A Perfect Evening For Cowboy Poetry



Andy Towle/Roundup - atowle@payson.com

Larry and Shirley Butram hold hands like young lovers as they listen to the poets and cowboy singers entertaining the crowd at Green Valley Park during a Cowboy Poetry and Western Storytelling Event sponsored by Rim Country Literacy.


Andy Towle/Roundup - atowle@payson.com

Buckshot Dot tunes her guitar before going onstage.


Andy Towle/Roundup - atowle@payson.com

Reagan Weaver enjoys music, cool air, ice cream and the relaxed atmosphere of Green Valley Park during the short intermission at the Ice Cream Social.

It was a perfect evening in Green Valley Park and a perfect way to inaugurate the community celebration of the 125th Annual World’s Oldest Continuous Rodeo.

The August sky was overcast, creating twilight that lasted almost the full two hours during the Lasso for Literacy Ice Cream Social Wednesday. A steady, easy breeze kept the temperature comfortable. The only distractions were the bees and the loud and enthusiastic children at play. Who knew people only two feet tall or so had the lung capacity of longshoremen?

The Rim Country Literacy Program put on a great show with both local and visiting artists offering wonderful old country music as well as humorous poems and stories, along with a few more melancholy pieces.

Junction 87, the Bill Camp Trio, Eddie Armer and Buckshot Dot (Dee Strickland Johnson) provided music through the evening. Both Junction 87 and the Bill Camp Trio gave renditions of the cowboy ballad “Cool Water,” and they were both wonderful.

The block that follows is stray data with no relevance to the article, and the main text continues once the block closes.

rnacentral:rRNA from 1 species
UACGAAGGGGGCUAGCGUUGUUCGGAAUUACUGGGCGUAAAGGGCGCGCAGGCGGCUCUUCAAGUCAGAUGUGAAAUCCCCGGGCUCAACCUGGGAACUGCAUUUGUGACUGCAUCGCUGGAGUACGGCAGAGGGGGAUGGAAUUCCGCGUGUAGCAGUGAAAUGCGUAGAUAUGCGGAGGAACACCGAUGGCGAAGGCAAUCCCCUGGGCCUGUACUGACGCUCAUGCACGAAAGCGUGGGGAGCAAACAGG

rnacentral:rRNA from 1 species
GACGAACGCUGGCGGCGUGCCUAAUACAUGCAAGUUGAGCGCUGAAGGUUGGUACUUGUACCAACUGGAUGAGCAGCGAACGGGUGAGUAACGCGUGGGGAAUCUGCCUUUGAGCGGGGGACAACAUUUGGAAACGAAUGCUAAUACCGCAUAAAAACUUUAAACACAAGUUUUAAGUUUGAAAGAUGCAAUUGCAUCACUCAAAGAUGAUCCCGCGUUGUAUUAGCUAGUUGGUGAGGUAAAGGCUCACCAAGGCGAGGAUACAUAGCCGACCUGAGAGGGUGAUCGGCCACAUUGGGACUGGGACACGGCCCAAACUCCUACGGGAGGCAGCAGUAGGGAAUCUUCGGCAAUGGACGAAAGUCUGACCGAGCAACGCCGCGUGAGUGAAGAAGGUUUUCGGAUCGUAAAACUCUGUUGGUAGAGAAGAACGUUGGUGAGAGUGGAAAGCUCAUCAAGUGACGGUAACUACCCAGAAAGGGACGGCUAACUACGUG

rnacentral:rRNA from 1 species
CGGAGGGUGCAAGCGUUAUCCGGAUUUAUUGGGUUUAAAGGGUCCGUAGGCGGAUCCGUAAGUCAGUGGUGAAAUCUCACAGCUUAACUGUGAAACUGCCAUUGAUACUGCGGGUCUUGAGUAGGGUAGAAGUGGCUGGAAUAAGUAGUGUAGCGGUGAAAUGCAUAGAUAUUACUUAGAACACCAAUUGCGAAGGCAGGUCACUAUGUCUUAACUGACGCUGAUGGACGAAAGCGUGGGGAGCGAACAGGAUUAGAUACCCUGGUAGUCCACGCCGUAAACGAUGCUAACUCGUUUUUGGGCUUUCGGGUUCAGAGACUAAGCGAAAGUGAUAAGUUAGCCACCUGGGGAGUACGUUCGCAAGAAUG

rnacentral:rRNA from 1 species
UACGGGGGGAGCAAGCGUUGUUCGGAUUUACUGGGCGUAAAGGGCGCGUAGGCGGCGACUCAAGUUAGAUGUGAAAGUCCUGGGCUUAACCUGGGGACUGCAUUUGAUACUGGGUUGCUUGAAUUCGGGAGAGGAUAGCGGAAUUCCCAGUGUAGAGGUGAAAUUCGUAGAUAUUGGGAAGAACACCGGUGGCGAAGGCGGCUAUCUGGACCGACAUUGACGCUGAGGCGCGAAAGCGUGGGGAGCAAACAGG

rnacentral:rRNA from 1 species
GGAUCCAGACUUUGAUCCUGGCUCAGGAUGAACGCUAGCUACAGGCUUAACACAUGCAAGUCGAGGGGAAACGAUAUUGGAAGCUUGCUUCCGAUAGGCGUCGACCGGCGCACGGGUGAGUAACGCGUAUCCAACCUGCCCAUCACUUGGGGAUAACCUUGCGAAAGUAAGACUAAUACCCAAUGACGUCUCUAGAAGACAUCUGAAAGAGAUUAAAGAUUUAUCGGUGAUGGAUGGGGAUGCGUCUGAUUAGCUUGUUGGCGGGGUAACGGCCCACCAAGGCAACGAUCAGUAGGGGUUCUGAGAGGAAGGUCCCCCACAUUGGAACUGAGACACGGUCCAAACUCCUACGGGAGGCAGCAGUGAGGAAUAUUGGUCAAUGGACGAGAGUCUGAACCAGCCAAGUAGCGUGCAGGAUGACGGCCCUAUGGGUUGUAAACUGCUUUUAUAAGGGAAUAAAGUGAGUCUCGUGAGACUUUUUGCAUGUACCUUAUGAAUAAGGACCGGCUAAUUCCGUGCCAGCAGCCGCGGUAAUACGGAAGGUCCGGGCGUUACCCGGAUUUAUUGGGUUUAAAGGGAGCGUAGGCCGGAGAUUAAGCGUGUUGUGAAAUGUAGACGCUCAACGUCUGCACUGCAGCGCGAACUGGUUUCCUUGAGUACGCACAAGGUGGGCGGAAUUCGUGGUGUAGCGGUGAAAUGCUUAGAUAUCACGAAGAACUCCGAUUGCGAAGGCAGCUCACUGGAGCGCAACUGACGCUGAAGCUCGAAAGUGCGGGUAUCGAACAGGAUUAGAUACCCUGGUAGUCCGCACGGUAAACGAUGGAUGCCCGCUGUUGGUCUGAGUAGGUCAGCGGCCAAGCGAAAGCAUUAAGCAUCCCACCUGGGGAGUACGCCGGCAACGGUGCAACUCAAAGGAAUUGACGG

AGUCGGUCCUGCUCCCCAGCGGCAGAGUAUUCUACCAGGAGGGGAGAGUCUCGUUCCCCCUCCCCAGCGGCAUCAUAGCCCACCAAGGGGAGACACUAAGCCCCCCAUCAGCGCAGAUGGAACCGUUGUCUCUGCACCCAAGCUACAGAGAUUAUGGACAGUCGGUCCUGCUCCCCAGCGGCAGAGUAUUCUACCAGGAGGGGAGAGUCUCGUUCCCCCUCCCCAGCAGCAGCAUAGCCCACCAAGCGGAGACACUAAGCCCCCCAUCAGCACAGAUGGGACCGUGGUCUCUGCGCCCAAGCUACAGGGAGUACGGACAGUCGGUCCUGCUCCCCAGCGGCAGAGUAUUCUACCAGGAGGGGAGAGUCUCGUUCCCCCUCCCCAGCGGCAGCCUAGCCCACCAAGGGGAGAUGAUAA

Billy Ichida of Junction 87 rocked the park with his fiddle, playing a breathtaking version of “Orange Blossom Special.”

Alice Natale, who, in addition to being a great storyteller, is president of the board of RCLP, shared a humorous tale of how the West was settled — according to the cattle.

Official town historian, poet, storyteller, pioneer son, merchant, author and publisher Jinx Pyle offered “The Cowboy Test,” which tells the tale of how a boy became a man — and a real cowboy — during a Rim Country roundup.

Former Roundup reporter and now biographical writer Carol La Valley recounted the history of the song “My Darling Clementine” and even led the crowd in singing the old ballad. She then shared the story she had written based on the song.

Visiting poet Russ Morris shared “Cowboys Come and Go” and gave an encore to close the evening.

Local writer Noble Collins had both melancholy and humorous pieces. The low-key poem “I Thought I Saw Old Zane” was about what Western author Zane Grey might think if he saw the Rim Country today. Collins drew more than a few laughs with his “21 and Busted” poem.

Visiting poet Clifford Hicks also had the crowd laughing with his “Bubblegum Blues.”

Eddie Armer, another pioneer son, musician, historian and storyteller sang his ballad, “Mighty Mogollon” and shared a piece about what a gathering of Rim old-timers in heaven might be like.

Willaden Sweatt, one of the local poets performing, entertained the crowd of about 50 with several poems.

Buckshot Dot, also known as Dee Strickland Johnson, capped off the evening with the history of Levis and more, including a toe-tapping song that had a toddler so entertained he made his way to the dance floor in front of the bandstand and stamped his feet in time to the music.

The evening of cowboy poetry, stories and music was the first of its kind to be presented by RCLP, and there is already talk about having the event next year at the 126th Annual World’s Oldest Continuous Rodeo. Put it on your calendar now, it makes for a perfect evening in Green Valley Park.


Use the comment form below to begin a discussion about this content.

Requires free registration

Posting comments requires a free account and verification.